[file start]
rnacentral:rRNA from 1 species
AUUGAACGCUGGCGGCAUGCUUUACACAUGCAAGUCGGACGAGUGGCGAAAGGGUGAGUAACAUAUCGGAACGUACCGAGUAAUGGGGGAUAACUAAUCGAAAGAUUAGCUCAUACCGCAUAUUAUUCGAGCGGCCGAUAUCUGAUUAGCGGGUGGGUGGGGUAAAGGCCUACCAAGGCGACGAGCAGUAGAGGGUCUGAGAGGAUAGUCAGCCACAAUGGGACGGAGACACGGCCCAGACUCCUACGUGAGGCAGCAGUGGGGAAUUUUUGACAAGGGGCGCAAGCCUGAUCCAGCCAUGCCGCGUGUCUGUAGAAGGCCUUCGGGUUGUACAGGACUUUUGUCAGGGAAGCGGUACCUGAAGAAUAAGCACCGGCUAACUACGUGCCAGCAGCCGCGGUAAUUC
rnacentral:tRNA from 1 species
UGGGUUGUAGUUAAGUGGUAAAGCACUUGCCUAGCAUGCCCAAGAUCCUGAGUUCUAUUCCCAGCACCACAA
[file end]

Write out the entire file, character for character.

rnacentral:rRNA from 1 species
AUUGAACGCUGGCGGCAUGCUUUACACAUGCAAGUCGGACGAGUGGCGAAAGGGUGAGUAACAUAUCGGAACGUACCGAGUAAUGGGGGAUAACUAAUCGAAAGAUUAGCUCAUACCGCAUAUUAUUCGAGCGGCCGAUAUCUGAUUAGCGGGUGGGUGGGGUAAAGGCCUACCAAGGCGACGAGCAGUAGAGGGUCUGAGAGGAUAGUCAGCCACAAUGGGACGGAGACACGGCCCAGACUCCUACGUGAGGCAGCAGUGGGGAAUUUUUGACAAGGGGCGCAAGCCUGAUCCAGCCAUGCCGCGUGUCUGUAGAAGGCCUUCGGGUUGUACAGGACUUUUGUCAGGGAAGCGGUACCUGAAGAAUAAGCACCGGCUAACUACGUGCCAGCAGCCGCGGUAAUUC
rnacentral:tRNA from 1 species
UGGGUUGUAGUUAAGUGGUAAAGCACUUGCCUAGCAUGCCCAAGAUCCUGAGUUCUAUUCCCAGCACCACAA